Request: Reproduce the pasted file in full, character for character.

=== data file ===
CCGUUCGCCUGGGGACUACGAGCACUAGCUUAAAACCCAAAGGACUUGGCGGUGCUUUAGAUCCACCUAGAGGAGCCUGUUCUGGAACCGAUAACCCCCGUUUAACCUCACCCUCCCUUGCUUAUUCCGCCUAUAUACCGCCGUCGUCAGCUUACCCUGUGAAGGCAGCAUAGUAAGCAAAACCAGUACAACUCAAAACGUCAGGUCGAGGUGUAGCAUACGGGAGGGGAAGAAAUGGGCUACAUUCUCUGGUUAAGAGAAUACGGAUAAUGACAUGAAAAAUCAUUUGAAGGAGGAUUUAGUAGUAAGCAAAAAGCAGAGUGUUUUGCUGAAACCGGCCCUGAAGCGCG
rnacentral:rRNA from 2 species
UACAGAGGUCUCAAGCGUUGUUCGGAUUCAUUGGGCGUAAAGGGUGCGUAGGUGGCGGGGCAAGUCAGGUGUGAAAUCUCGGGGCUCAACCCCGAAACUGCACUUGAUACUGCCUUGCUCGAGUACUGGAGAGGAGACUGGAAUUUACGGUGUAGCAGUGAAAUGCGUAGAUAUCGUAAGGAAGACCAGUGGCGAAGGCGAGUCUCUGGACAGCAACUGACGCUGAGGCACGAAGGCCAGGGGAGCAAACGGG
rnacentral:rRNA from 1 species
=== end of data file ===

CCGUUCGCCUGGGGACUACGAGCACUAGCUUAAAACCCAAAGGACUUGGCGGUGCUUUAGAUCCACCUAGAGGAGCCUGUUCUGGAACCGAUAACCCCCGUUUAACCUCACCCUCCCUUGCUUAUUCCGCCUAUAUACCGCCGUCGUCAGCUUACCCUGUGAAGGCAGCAUAGUAAGCAAAACCAGUACAACUCAAAACGUCAGGUCGAGGUGUAGCAUACGGGAGGGGAAGAAAUGGGCUACAUUCUCUGGUUAAGAGAAUACGGAUAAUGACAUGAAAAAUCAUUUGAAGGAGGAUUUAGUAGUAAGCAAAAAGCAGAGUGUUUUGCUGAAACCGGCCCUGAAGCGCG
rnacentral:rRNA from 2 species
UACAGAGGUCUCAAGCGUUGUUCGGAUUCAUUGGGCGUAAAGGGUGCGUAGGUGGCGGGGCAAGUCAGGUGUGAAAUCUCGGGGCUCAACCCCGAAACUGCACUUGAUACUGCCUUGCUCGAGUACUGGAGAGGAGACUGGAAUUUACGGUGUAGCAGUGAAAUGCGUAGAUAUCGUAAGGAAGACCAGUGGCGAAGGCGAGUCUCUGGACAGCAACUGACGCUGAGGCACGAAGGCCAGGGGAGCAAACGGG
rnacentral:rRNA from 1 species